FRIDAY FILE: Women have been at the forefront of demonstrations across the Middle East and North Africa (MENA) in the recent popular uprisings, which have received much media and international attention. In contrast, coverage of attacks on women human rights defenders (WHRDs) in Iraq’s Tahrir Square demonstrations has been limited, AWID asks why.

Pakistan: Women Advocates Aid Religious Minorities

August 25, 2011

(WNN) ISLAMABAD: In spite of real dangers for those working as advocates with Pakistan’s religious minorities, a number of people have been speaking out against religious discrimination and the misuse of Pakistan’s blasphemy laws inside the country.

As internal divisions, casualties and conflict on the northern border and a growing hatred and distrust of ‘the West’ expands, a dedicated group of Pakistani women and men are leading the way on issues of human rights and religious freedom inside the country.

Nigeria: Favour Irabor - Money, religion & patriarchy pose problems for female politicians

September 4, 2011

It’s over four months now since the last general elections, but Nigerian women politicians and even stakeholders are yet to recuperate from the shock of its outcome. Unlike previous elections, women vied enmass for various political offices, but  few of them got in! As a response to this fall which has also translated into an abysmal reduction in the representation of women in political offices(apart from the ministerial offices), the question of ‘what went wrong?’  has continued to take centre-stage at most women gatherings.

Council of Europe Convention calls for hotlines, shelters, medical and forensic services

September 1, 2011

Hamiyet, a member of Turkey’s Kurdish minority, was a 15-year-old newlywed when her husband began beating her every evening after work. He hit her when she was pregnant with each of their nine children, and he raped her almost nightly. She sought help from the police, but they always sent her back home, more concerned with preserving “family unity” than with her safety.

Burkina Faso: Free Legal Aid for Women Accused of being Witches

November 19, 2010

PARIS (TrustLaw) - What links a British-based law firm to an initiative aimed at protecting women in Burkina Faso from accusations of witchcraft?

The answer's global pro bono work.

Earlier this year, a charity caring for older people, HelpAge International, asked Advocates for International Development (A4ID) to help with its work in, among others, Burkina Faso where it's been trying to raise awareness about the plight of women who've fallen victim to witchcraft allegations.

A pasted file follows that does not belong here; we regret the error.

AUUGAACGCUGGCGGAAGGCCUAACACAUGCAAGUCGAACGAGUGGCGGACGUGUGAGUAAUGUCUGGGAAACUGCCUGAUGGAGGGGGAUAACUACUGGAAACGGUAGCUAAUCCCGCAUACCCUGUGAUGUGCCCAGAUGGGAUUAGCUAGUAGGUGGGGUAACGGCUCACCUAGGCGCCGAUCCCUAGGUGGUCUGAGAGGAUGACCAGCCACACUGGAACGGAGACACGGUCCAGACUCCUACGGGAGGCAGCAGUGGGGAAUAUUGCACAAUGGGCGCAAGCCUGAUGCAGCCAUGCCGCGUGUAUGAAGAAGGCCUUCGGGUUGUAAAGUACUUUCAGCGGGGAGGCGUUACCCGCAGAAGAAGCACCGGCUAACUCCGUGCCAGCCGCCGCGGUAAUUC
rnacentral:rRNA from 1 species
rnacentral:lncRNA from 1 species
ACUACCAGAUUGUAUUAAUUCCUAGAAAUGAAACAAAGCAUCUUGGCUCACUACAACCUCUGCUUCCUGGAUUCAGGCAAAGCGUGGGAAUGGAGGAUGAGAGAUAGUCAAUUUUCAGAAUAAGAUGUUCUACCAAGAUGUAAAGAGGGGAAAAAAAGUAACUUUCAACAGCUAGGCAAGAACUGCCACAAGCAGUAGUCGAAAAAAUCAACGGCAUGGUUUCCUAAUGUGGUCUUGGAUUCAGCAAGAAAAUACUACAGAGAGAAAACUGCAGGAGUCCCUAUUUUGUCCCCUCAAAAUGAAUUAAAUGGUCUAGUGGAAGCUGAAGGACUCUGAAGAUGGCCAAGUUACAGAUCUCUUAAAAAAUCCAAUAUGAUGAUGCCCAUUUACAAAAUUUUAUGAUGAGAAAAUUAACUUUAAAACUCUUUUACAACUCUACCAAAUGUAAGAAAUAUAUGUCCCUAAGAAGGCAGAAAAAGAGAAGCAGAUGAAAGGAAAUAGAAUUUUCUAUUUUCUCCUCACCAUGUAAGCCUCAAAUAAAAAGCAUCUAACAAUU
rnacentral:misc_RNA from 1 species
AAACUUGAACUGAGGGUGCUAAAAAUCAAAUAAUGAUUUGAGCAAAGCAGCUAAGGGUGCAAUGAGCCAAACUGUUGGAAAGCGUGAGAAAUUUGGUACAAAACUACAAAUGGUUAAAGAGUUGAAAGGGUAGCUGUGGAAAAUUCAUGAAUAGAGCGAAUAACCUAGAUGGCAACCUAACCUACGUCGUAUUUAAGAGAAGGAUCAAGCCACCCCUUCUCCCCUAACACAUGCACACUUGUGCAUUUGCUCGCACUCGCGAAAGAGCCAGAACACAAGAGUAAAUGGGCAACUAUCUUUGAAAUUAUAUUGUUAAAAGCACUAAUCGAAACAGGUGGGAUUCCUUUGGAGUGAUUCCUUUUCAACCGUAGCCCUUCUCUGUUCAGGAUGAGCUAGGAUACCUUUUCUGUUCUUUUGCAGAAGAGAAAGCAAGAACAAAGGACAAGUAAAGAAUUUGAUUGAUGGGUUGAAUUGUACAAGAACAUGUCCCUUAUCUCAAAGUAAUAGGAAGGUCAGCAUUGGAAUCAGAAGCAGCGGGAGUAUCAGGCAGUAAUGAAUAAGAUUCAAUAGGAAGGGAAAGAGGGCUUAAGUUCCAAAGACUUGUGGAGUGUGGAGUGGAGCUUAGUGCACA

UN HRC: Witches in the 21st Century

August 24, 2009

Throughout history, people described as witches have been persecuted, tortured and murdered and the practice continues today. Statistics are not easy to come by but it is known that every year, thousands of people, mostly older women and children are accused as witches, often abused, cast out of their families and communities and in many cases murdered.

Nepal: Religious Practices, Discrimination & Gender Violence

June 28, 2011

KATHMANDU, Jul 28, 2011 (IPS) - The recent gang-rape of a Buddhist nun and her expulsion from her sect have sparked a debate about the deep-rooted religious traditions and biases that foster discrimination and violence, especially against women, in this South Asian state.

 The public outcry against the nun’s expulsion forced the Nepal Buddhist Federation to reconsider, saying now that once she recovers, the victim can return to her nunnery. 

Indonesia: Sharia police in Aceh dissolve lesbian marriage

August 25, 2011

Islamic police in the Indonesian province of Aceh have forced two women to have their marriage annulled and sign an agreement to separate.

The women had been legally married for a few months after one of them passed as a man in front of an Islamic cleric who presided over their wedding.

But suspicious neighbours confronted the couple and reported them to police.

The two women are now back with their families, forcibly separated and under surveillance by the Islamic police.

Afghanistan: Women in Media Reveal Risks & Challenges

July 5, 2011

KABUL (Reuters) - Farida Nekzad has faced threats of kidnapping, acid attacks and a plot to blow up her apartment since she founded her first news agency in Afghanistan seven years ago.

Members of the Taliban e-mailed some of the warnings; others arrived over the phone. One caller warned she would be murdered and disfigured so horrendously that her family would not be able to recognize her body.

UN: Due Diligence Obligation to Address Violence against Women

September 13, 2011

 

The 2013 annual report of the Special Rapporteur on Violence against Women, its Causes and Consequences, Ms Rashida Manjoo, will be devoted to a study on the "Due Diligence Obligations to address Violence against Women." The Special Rapporteur is seeking information in preparation of a global study that analyses the interpretation and implementation of the due diligence obligation by States to be submitted to the Human Rights Council.